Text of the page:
Last week, Lion Air CEO Edward Sirait confirmed an aviation website’s report that the 737, which crashed on Oct. 29, had logged “unreliable” altitude and airspeed readings on a flight from Bali to Jakarta that immediately preceded the doomed flight from Jakarta to Pangkal Pinang, in Kepaluaun Bangka-Belitung province.

“Yes, that was on the previous flight. But the problems were resolved that night,” Sirait told BenarNews last week.

KNKT chairman Soerjanto Tjahjono said the aircraft hit the sea at a rapid speed and disintegrated on impact.

“The engines hit the water at a high RPM (revolutions per minute), so there was no problem with the engines,” he told reporters.

Search teams have recovered the aircraft’s two turbines and the broken landing gear, as well as other smaller debris.

Soerjanto said KNKT would release a preliminary report on the crash in a month.

He said KNKT, assisted by investigators from Boeing and the U.S. National Transportation Safety Board (NTSB), had downloaded 69 hours of data spanning 19 flights from the aircraft’s flight data recorder, which was recovered from the sea a few days ago.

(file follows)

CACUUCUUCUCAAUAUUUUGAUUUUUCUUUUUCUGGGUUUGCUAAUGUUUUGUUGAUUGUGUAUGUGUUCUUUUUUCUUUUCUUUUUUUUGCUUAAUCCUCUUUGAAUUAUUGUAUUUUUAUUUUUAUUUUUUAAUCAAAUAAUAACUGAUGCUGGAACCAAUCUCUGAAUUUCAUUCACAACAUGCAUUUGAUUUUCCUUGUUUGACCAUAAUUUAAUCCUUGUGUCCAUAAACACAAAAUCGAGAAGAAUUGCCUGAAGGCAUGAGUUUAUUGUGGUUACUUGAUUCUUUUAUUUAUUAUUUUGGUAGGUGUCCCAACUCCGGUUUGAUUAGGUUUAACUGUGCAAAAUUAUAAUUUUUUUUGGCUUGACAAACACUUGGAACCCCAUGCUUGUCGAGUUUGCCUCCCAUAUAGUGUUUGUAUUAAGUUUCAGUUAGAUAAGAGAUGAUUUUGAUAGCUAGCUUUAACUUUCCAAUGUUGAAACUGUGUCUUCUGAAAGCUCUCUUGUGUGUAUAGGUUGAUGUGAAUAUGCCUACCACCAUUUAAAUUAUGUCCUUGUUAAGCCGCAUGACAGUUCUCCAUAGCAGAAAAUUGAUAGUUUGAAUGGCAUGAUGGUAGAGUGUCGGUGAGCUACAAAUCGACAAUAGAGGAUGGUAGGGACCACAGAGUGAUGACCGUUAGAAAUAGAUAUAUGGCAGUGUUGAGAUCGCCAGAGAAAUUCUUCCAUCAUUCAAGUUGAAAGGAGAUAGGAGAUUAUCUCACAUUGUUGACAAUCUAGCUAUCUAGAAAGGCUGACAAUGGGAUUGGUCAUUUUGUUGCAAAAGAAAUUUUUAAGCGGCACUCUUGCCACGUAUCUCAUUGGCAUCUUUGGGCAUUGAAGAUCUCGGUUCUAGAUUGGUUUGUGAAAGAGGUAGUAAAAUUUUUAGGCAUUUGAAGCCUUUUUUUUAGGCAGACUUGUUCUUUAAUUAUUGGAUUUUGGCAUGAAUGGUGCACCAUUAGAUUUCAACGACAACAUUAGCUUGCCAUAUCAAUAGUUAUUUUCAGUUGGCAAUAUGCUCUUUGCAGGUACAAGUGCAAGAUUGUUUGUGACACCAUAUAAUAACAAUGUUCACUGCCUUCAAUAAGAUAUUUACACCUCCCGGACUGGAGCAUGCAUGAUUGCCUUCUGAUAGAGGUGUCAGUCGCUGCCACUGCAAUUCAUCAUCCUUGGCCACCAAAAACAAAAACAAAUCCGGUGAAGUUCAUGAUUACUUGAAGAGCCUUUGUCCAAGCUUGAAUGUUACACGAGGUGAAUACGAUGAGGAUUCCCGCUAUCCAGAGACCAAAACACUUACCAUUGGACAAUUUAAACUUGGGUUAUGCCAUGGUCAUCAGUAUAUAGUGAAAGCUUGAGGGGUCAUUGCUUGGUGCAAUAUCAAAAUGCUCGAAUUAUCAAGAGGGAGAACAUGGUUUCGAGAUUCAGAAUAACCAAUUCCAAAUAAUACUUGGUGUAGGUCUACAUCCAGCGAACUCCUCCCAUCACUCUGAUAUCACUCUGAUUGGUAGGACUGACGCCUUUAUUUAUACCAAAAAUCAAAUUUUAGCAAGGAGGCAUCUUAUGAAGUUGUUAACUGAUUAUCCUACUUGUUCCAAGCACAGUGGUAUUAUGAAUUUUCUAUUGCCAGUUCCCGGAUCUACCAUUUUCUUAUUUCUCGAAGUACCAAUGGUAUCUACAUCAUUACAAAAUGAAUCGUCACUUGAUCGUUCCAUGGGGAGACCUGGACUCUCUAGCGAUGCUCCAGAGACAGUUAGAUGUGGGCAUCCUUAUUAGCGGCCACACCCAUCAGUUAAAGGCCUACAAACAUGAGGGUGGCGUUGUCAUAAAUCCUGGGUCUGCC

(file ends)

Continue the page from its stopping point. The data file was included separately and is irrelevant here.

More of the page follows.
The flight data recorder contains information such as airspeed, pressure altitude and vertical acceleration.

Soerjanto expressed hope that the voice cockpit recorder (CVR), which records conversations between the pilots, would soon be found.

“Data from the CVR is very important to establish the cause of the accident,” he said.

Earlier, search officials said they had detected a “ping” from the CVR’s underwater locator beacon, but the signal was fading.

Muhammad Syaugi, the National Search and Rescue Agency chief, said he suspected the CVR was buried under thick mud.

Syaugi said 164 bags of body parts had been recovered so far.

Police have only been able to identify 27 victims to date, Cahyo Putut Widodo, the head of the DNA lab at the national police’s health department, told local news channel TVOne.

Diver dies

Meanwhile, a volunteer diver taking part in the search operation died on Friday, authorities said.

Syahrul Anto was found in the sea unconscious and was declared dead in hospital, Bayu Wardoyo, the head of the Indonesian Rescue Diver Team, told BenarNews over the weekend.

Bayu said Anto was a senior diver who also took part in the search for the wreckage of an AirAsia plane that crashed into the Java Sea in December 2014. All 162 people on board were killed in that crash.

Syahrul might have had decompression sickness, a navy officer told local television.

Last week’s crash was the second deadly accident in 14 years involving a plane from budget carrier Lion Air.

In 2004, an MD-82 from its fleet overshot the runway of the airport in Solo, Central Java. It crashed into a cemetery, killing 25 people.

Nine years later, a Lion Air Boeing 737 carrying more than 100 people crashed into the sea while trying to land on Bali island, nearly splitting the fuselage into two. There were no fatalities.